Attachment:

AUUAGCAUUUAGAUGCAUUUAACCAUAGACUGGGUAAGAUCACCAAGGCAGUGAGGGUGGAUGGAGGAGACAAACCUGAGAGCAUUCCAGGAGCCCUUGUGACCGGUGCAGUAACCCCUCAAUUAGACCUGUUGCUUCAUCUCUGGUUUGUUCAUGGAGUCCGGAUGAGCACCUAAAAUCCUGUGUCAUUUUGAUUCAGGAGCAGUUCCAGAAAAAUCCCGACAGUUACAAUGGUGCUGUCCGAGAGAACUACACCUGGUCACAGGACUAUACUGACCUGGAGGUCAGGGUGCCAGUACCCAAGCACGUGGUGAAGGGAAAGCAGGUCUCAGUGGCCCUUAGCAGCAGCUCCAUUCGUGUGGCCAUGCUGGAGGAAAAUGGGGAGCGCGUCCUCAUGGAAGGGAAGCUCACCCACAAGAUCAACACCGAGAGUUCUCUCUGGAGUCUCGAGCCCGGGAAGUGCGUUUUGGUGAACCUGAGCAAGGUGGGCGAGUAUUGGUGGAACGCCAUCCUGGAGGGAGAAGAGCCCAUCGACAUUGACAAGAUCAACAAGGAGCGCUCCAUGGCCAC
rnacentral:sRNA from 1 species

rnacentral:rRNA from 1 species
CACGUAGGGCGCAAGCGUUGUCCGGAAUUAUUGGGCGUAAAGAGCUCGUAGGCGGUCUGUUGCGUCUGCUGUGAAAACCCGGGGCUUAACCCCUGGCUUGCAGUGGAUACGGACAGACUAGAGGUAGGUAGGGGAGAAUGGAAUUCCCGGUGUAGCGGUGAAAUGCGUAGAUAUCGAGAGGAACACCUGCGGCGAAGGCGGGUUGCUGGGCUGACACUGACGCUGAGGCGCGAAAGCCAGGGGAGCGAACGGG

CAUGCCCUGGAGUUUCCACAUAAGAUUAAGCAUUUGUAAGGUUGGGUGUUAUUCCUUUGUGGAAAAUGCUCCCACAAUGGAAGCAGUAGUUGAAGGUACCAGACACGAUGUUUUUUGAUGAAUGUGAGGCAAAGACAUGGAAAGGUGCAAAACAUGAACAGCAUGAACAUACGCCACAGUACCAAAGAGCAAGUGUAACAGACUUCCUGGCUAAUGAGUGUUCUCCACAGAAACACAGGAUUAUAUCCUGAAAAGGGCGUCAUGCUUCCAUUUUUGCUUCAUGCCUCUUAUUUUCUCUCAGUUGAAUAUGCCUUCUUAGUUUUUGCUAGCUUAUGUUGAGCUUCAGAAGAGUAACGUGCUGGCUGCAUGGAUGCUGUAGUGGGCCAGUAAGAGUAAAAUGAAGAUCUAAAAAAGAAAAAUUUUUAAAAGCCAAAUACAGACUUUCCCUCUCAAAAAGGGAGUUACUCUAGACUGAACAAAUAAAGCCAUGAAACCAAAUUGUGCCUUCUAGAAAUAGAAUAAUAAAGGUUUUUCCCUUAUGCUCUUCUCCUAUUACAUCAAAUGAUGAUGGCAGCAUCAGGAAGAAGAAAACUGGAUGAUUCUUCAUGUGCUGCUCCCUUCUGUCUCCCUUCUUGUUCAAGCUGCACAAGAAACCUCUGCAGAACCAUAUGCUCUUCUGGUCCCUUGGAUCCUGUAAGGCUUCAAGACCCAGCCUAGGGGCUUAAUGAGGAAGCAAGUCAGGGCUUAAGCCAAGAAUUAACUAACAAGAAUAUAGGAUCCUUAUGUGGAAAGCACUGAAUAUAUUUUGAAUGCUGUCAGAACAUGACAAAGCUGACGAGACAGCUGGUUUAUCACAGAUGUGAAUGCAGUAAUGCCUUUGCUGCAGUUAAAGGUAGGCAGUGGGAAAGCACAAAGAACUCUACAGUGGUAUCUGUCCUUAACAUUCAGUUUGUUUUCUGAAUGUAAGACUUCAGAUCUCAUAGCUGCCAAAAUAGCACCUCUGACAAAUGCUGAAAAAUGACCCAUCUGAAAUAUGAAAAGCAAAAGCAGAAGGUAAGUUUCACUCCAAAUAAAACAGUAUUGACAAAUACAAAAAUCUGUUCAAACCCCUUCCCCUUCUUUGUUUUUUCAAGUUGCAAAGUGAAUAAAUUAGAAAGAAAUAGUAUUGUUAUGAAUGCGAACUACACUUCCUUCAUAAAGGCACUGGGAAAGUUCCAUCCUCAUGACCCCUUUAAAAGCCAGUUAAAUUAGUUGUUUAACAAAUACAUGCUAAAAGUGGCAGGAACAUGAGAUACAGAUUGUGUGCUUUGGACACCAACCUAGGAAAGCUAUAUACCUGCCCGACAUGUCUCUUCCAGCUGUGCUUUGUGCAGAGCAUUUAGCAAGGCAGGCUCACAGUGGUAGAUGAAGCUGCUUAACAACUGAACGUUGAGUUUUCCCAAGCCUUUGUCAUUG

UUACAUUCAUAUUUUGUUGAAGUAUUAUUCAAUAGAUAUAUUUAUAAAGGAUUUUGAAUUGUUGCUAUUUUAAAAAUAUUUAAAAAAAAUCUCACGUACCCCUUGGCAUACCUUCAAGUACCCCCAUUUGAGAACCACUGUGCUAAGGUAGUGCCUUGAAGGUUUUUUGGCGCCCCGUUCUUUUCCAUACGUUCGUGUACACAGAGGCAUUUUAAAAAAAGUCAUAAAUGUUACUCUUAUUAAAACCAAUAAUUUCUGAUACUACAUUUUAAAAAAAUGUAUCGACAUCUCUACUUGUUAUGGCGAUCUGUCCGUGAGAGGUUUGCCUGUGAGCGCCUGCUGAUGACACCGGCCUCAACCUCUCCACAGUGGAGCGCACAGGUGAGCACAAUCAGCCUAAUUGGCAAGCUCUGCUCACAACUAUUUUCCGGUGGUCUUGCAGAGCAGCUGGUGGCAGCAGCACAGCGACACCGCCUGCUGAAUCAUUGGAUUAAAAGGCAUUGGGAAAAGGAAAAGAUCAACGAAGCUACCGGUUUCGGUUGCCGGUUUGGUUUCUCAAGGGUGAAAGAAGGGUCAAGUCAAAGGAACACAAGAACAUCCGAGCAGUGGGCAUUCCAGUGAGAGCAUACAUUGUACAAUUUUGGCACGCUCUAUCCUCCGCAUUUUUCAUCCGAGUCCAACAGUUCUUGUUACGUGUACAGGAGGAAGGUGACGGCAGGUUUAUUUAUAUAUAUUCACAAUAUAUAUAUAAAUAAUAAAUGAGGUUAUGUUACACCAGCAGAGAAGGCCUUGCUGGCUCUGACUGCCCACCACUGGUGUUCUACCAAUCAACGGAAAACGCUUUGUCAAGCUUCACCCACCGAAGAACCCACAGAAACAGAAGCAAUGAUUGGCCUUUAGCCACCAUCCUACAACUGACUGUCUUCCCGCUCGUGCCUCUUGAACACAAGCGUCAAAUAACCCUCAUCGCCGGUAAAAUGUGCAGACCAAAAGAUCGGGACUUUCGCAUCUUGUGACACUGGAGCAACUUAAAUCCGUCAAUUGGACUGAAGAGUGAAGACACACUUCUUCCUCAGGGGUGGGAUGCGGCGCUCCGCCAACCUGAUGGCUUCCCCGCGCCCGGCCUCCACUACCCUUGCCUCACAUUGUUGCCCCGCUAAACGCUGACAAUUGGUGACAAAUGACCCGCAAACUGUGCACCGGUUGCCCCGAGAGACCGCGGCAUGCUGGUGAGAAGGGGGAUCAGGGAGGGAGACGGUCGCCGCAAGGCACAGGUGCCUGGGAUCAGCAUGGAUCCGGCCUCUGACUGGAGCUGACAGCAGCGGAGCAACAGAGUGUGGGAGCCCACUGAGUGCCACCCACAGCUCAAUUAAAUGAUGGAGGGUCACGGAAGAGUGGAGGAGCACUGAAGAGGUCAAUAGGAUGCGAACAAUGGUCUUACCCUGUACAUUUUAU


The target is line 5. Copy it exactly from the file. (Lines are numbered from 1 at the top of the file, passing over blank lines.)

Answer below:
CAUGCCCUGGAGUUUCCACAUAAGAUUAAGCAUUUGUAAGGUUGGGUGUUAUUCCUUUGUGGAAAAUGCUCCCACAAUGGAAGCAGUAGUUGAAGGUACCAGACACGAUGUUUUUUGAUGAAUGUGAGGCAAAGACAUGGAAAGGUGCAAAACAUGAACAGCAUGAACAUACGCCACAGUACCAAAGAGCAAGUGUAACAGACUUCCUGGCUAAUGAGUGUUCUCCACAGAAACACAGGAUUAUAUCCUGAAAAGGGCGUCAUGCUUCCAUUUUUGCUUCAUGCCUCUUAUUUUCUCUCAGUUGAAUAUGCCUUCUUAGUUUUUGCUAGCUUAUGUUGAGCUUCAGAAGAGUAACGUGCUGGCUGCAUGGAUGCUGUAGUGGGCCAGUAAGAGUAAAAUGAAGAUCUAAAAAAGAAAAAUUUUUAAAAGCCAAAUACAGACUUUCCCUCUCAAAAAGGGAGUUACUCUAGACUGAACAAAUAAAGCCAUGAAACCAAAUUGUGCCUUCUAGAAAUAGAAUAAUAAAGGUUUUUCCCUUAUGCUCUUCUCCUAUUACAUCAAAUGAUGAUGGCAGCAUCAGGAAGAAGAAAACUGGAUGAUUCUUCAUGUGCUGCUCCCUUCUGUCUCCCUUCUUGUUCAAGCUGCACAAGAAACCUCUGCAGAACCAUAUGCUCUUCUGGUCCCUUGGAUCCUGUAAGGCUUCAAGACCCAGCCUAGGGGCUUAAUGAGGAAGCAAGUCAGGGCUUAAGCCAAGAAUUAACUAACAAGAAUAUAGGAUCCUUAUGUGGAAAGCACUGAAUAUAUUUUGAAUGCUGUCAGAACAUGACAAAGCUGACGAGACAGCUGGUUUAUCACAGAUGUGAAUGCAGUAAUGCCUUUGCUGCAGUUAAAGGUAGGCAGUGGGAAAGCACAAAGAACUCUACAGUGGUAUCUGUCCUUAACAUUCAGUUUGUUUUCUGAAUGUAAGACUUCAGAUCUCAUAGCUGCCAAAAUAGCACCUCUGACAAAUGCUGAAAAAUGACCCAUCUGAAAUAUGAAAAGCAAAAGCAGAAGGUAAGUUUCACUCCAAAUAAAACAGUAUUGACAAAUACAAAAAUCUGUUCAAACCCCUUCCCCUUCUUUGUUUUUUCAAGUUGCAAAGUGAAUAAAUUAGAAAGAAAUAGUAUUGUUAUGAAUGCGAACUACACUUCCUUCAUAAAGGCACUGGGAAAGUUCCAUCCUCAUGACCCCUUUAAAAGCCAGUUAAAUUAGUUGUUUAACAAAUACAUGCUAAAAGUGGCAGGAACAUGAGAUACAGAUUGUGUGCUUUGGACACCAACCUAGGAAAGCUAUAUACCUGCCCGACAUGUCUCUUCCAGCUGUGCUUUGUGCAGAGCAUUUAGCAAGGCAGGCUCACAGUGGUAGAUGAAGCUGCUUAACAACUGAACGUUGAGUUUUCCCAAGCCUUUGUCAUUG